You can’t get a ticket for the ‘Indiana Jones’ of beer at the Penn Museum

Craft beer rock star Sam Calagione has collaborated with the Penn prof on Dogfish Head Brewery’s “Ancient Ales” for the past 16 years.

Dogfish Head founder Sam Calagione as 'King Midas' in 2001

Dogfish Head founder Sam Calagione as 'King Midas' in 2001

People Magazine / via Dogfish Head on Facebook

This week, one of craft beer’s biggest rock stars joins forces with the man known as “the Indiana Jones of fermented beverages” for a special tasting session at the Penn Museum in West Philly.

The former is Sam Calagione, founder and president of Delaware’s Dogfish Head Craft Brewery. The latter is Dr. Pat McGovern, biomolecular archaeologist at the University of Pennsylvania. The reason for their talk? The museum’s Golden Age of King Midas exhibit, which contains the artifacts that spurred the creation of Dogfish’s popular “Ancient Ales” series of beers more than 16 years ago.

It was March of 2000 when Dr. Pat McGovern jokingly issued a challenge to a roomful of brewers during a “Roasting and Toasting” dinner in honor of late beer maven Michael Jackson. McGovern had recently determined the chemical makeup of residue in drinking vessels discovered in a tomb at the ancient site of Gordion in Central Turkey. (Originally thought be the tomb of King Midas, it is now believed to be the tomb of his father, Gordius.) The most interesting thing about the residue was that it was neither beer, nor wine, nor mead, but a combination of all three.

The task for the brewers? Reverse engineer the ancient beverage — and more importantly, make it palatable for modern drinkers.

He didn’t expect any real interest, but he’d underestimated brewers’ willingness to take on a dare. When he arrived at his laboratory at 9 a.m. the next morning, he found a crowd of 20 people waiting for him to discuss the ingredients. In the weeks that followed, experimental brew after experimental brew showed up at Dr. Pat’s doorstep. Ultimately, Sam Calagione’s recipe for a modified braggot (a mead/beer hybrid) was triumphant, and Dogfish Head Midas Touch was born.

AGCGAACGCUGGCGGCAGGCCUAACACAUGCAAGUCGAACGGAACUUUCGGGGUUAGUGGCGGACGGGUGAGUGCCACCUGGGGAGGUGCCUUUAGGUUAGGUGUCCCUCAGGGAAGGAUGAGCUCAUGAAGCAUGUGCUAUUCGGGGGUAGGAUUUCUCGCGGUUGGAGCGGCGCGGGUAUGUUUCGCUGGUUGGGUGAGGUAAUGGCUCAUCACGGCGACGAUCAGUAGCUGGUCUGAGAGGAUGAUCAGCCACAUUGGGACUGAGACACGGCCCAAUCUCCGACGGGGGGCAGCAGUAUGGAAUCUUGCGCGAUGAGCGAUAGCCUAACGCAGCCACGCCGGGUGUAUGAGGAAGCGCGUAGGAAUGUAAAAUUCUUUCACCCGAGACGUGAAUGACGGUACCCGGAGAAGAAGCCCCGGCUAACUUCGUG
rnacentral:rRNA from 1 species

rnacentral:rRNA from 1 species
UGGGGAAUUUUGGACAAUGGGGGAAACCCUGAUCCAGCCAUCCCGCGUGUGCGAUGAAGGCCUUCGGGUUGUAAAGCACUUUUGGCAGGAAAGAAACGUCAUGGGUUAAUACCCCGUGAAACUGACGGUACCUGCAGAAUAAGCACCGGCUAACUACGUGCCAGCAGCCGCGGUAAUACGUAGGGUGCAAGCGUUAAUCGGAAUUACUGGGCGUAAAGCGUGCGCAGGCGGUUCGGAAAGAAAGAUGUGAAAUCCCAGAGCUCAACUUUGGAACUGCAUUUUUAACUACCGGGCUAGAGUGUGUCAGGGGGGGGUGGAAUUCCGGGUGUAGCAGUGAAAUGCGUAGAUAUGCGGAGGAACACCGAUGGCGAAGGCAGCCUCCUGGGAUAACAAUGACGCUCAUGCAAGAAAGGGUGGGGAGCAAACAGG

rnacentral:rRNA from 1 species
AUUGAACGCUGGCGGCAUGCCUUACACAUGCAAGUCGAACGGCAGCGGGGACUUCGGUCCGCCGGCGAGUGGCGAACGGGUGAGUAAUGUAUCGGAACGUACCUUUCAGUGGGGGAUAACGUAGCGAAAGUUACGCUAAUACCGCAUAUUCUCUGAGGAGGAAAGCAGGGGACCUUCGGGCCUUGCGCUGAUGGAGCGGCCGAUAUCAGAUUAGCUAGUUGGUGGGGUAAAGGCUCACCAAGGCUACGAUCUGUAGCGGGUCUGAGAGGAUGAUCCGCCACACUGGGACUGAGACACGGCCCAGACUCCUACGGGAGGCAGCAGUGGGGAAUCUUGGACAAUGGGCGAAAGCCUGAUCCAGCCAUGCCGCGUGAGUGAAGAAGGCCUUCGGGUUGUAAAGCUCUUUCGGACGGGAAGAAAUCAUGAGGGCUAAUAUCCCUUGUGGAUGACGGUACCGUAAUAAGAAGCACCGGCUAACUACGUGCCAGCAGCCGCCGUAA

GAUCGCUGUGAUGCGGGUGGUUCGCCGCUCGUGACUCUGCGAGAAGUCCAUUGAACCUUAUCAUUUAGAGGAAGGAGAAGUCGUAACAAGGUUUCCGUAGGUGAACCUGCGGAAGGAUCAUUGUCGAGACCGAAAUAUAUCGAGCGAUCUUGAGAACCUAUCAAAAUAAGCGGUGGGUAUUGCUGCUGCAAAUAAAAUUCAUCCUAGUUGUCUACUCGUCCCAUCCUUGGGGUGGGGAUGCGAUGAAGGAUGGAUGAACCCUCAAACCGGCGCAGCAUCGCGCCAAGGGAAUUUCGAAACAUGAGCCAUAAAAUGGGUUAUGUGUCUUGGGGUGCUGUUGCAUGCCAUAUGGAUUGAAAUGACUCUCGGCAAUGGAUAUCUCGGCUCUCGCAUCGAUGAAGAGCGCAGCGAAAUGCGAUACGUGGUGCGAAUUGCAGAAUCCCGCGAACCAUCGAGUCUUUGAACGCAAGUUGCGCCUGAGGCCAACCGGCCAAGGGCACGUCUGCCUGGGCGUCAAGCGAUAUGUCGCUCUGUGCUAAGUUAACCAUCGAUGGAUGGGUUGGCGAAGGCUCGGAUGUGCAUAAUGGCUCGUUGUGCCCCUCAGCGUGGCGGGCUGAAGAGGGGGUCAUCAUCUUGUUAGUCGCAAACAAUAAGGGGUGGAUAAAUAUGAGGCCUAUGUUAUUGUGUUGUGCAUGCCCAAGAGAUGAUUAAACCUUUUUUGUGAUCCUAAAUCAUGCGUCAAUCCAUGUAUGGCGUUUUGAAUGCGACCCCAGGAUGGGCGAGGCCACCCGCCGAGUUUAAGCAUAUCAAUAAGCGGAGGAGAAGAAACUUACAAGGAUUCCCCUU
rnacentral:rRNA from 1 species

Courtesy of Dogfish Head

The collaboration marked the start of a fruitful friendship. Since then, Calagione and Dr. Pat — as he’s called by his students and just about everyone else who knows him — have created eight other beverages using techniques and ingredients discovered during archaeological expeditions. They’ve all been released by Dogfish Head as part of the “Ancient Ales” series, and next year, McGovern will be releasing a book on the project’s history.

The book, “Liquid Time Capsules,” will include a chapter for each collaboration, a few anecdotes on the process and the partnership, and finally, a recipe, a meal pairing and even an atmospheric pairing for each brew — things like musical suggestions and lighting levels. To encourage readers to jump in and try actually brewing these drinks, Dr. Pat teamed up with Xtreme Brewing in Delaware, which will create and sell kits for each recipe.

Although Calagione and McGovern’s tasting session sold out weeks ago, plenty of tickets are available for the Midas Touch exhibit ($15-$20), which runs through fall.

In addition to the various drinking vessels that inspired the Dogfish beers, the exhibit features more than 120 of what the museum calls “dazzling objects” — elaborate gold jewelry, various statuettes, intricately painted pottery and what’s thought to be the oldest colored stone mosaic ever made.

The Golden Age of King Midas runs through November 27, 2016, at the Penn Museum, 3260 South St., Philadelphia.

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